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\documentclass[12pt,a4paper]{mwrep}    
\renewcommand\baselinestretch{1.5}
\begin{document}
\chapter{Test}
Text text text text text text text text text text      
\begin{equation}
1 + 2 + 3 = 6
\end{equation}  
Text text text text text text text text text text  
\begin{equation}
1 + 2 + 3 = 6
\end{equation}
\begin{equation}
1 + 2 + 3 = 6
\end{equation}
\end{document}

Spaces between two equations and between equations and text are too big. How can I lower them? I know that using \renewcommand\baselinestretch{1.5} is responsible for that but I need this command.

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3 Answers 3

up vote 14 down vote accepted

I would recommend the following measures:

(1) Instead of \renewcommand\baselinestretch{1.5}, load the setspace package with the nodisplayskipstretch option, and then execute the command setstretch{1.5} in your document's preamble:

...
\usepackage[nodisplayskipstretch]{setspace}
\setstretch{1.5}

This way, you won't experience the excessive spacing between lines of text and floating objects. Also, material in footnotes will remain single-spaced.

(2) When you have consecutive equations, don't use separate equation environments but instead use the gather environment provided by the amsmath package. (If the equations should be aligned along, say, their equal signs, use the align environment instead of the gather environment, using the ampersand, &, character as the alignment point.) Two consecutive equations would then be entered as

\begin{gather}
1 + 2 + 3 = 6 \\
2 + 4 + 6 = 12
\end{gather}  
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\begin{gather} 1 + 2 + 3 = 6 \ 2 + 4 + 6 = 12 \end{gather} shows two equations in one line. –  Ichibann Oct 27 '11 at 19:52
    
Ok, I figured on my own that I need to put ` \\ ` instead of ` \ ` –  Ichibann Oct 27 '11 at 19:56
1  
You need an & character on each line for an alignment tab. You can put it anywhere, but I ususally put it in front of the =. –  Brandon Kuczenski Oct 27 '11 at 20:03
2  
It's not wrong to have two consecutive equation environments. However, doing so will in general use more space than if you use an environment that "knows" that successive lines are equations rather than switches between text and equations. Moreover, if you use consecutive equation environments, you can't align them on, say, the equal sign -- something you could do if you'd use the align environment, say. –  Mico Oct 27 '11 at 21:04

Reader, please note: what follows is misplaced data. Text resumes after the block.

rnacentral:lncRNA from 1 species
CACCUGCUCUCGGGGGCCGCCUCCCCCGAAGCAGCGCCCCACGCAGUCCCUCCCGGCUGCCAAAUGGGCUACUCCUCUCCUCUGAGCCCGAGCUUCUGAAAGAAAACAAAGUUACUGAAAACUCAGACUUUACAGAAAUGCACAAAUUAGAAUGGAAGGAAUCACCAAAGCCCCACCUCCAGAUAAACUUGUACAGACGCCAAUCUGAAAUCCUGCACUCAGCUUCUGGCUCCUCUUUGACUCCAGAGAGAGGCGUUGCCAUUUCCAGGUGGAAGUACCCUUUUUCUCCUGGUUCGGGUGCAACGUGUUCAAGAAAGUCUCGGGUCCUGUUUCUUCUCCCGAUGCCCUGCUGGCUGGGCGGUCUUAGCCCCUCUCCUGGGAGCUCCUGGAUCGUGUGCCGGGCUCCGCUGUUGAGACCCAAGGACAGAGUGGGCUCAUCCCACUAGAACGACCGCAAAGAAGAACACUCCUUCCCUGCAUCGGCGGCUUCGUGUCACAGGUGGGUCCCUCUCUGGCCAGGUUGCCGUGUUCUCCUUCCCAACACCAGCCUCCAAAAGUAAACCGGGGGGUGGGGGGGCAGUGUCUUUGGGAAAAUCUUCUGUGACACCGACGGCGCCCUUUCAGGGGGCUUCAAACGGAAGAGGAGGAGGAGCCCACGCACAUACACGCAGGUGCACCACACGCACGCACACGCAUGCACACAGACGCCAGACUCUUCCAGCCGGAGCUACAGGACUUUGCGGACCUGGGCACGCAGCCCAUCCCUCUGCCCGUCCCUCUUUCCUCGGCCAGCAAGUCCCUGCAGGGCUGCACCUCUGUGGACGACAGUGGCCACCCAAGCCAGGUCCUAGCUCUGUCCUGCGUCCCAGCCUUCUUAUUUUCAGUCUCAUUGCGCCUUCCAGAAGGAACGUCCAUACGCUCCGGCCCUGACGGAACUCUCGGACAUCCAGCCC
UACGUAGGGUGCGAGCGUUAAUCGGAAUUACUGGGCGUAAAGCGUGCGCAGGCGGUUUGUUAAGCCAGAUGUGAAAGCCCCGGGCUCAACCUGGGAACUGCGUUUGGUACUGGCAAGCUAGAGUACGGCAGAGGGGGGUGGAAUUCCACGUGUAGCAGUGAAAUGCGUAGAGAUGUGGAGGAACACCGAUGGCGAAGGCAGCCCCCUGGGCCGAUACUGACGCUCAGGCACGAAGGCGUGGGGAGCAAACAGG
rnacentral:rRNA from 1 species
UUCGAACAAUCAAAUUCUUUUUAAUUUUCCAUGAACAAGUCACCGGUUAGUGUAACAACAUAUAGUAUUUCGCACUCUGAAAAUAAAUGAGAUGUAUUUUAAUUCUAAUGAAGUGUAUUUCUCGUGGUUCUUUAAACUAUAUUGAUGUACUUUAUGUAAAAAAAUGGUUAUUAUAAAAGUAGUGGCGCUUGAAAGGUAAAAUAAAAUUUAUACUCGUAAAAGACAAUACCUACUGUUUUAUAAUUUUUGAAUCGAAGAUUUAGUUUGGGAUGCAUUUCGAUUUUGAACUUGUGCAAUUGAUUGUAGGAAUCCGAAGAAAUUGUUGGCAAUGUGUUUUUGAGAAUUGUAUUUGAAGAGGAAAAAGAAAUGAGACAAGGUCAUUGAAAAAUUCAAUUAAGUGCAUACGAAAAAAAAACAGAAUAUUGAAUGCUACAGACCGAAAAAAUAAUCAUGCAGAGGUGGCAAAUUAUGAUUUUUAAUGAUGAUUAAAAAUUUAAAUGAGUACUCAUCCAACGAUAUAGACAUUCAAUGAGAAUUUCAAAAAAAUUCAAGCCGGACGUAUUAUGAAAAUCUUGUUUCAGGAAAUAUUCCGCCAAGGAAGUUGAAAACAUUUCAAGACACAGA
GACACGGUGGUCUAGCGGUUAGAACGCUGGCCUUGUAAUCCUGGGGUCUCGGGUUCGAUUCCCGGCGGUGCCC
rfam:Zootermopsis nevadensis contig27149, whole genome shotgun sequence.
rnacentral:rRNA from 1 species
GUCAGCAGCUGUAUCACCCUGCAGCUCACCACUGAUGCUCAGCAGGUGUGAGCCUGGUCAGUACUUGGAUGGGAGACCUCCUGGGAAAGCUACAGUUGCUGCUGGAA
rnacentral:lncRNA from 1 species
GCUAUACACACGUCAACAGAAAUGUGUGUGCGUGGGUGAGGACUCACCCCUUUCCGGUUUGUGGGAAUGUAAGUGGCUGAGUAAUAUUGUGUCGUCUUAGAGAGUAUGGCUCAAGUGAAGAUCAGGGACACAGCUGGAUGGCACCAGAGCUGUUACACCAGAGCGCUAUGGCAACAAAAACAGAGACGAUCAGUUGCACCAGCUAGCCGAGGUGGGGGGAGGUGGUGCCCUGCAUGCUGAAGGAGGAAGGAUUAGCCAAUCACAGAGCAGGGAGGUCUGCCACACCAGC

1  
+1 for the gather environment. I didn't want to mess around with document-wide spacing parameters just because LaTeX didn't "know" I was providing a series of equations. –  Warrick Mar 23 '12 at 9:42

LaTeX uses \abovedisplayskip and \belowdisplayskip for the spacing above/below equations. There's also a short version of the former two commands for paragraphs ending/beginning with shorter lines. Here's an example showing the difference:

enter image description here

\documentclass{article}
\usepackage{amsmath}% http://ctan.org/pkg/amsmath
\begin{document}
Text text text text text text text text text text
\begin{equation}
1 + 2 + 3 = 6
\end{equation}  
Text text text text text text text text text text
\begin{align}
1 + 2 + 3 &= 6 \\
1 + 2 + 3 &= 6
\end{align}

\setlength{\belowdisplayskip}{0pt} \setlength{\belowdisplayshortskip}{0pt}
\setlength{\abovedisplayskip}{0pt} \setlength{\abovedisplayshortskip}{0pt}

Text text text text text text text text text text
\begin{equation}
1 + 2 + 3 = 6
\end{equation}  
Text text text text text text text text text text
\begin{align}
1 + 2 + 3 &= 6 \\
1 + 2 + 3 &= 6
\end{align}
\end{document}​

The same effect is obtained with/without a modified \baselinestretch - it is just clearer when viewed without that set. Of course, you can modify these lengths as needed.

Edit: Heed @egreg's suggestion and/or @Mico's answer regarding two equations

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5  
One should never use two consecutive equation environment, but rather the gather environment provided by amsmath –  egreg Oct 27 '11 at 19:47

you should use package setspace for the vertical spacing. The distance between two equations is set by the short skips!

\documentclass[12pt,a4paper]{mwrep}    
\usepackage{setspace}\onehalfspacing
\AtBeginDocument{%
  \addtolength\abovedisplayskip{-0.5\baselineskip}%
  \addtolength\belowdisplayskip{-0.5\baselineskip}%
%  \addtolength\abovedisplayshortskip{-0.5\baselineskip}%
%  \addtolength\belowdisplayshortskip{-0.5\baselineskip}%
}

\begin{document}
\chapter{Test}
Text text text text text text text text text text      
\begin{equation}
1 + 2 + 3 = 6
\end{equation}  
Text text text text text text text text text text  
\begin{equation}
1 + 2 + 3 = 6
\end{equation}
\begin{equation}
1 + 2 + 3 = 6
\end{equation}
some nmore text\par
some more text

\end{document}

enter image description here

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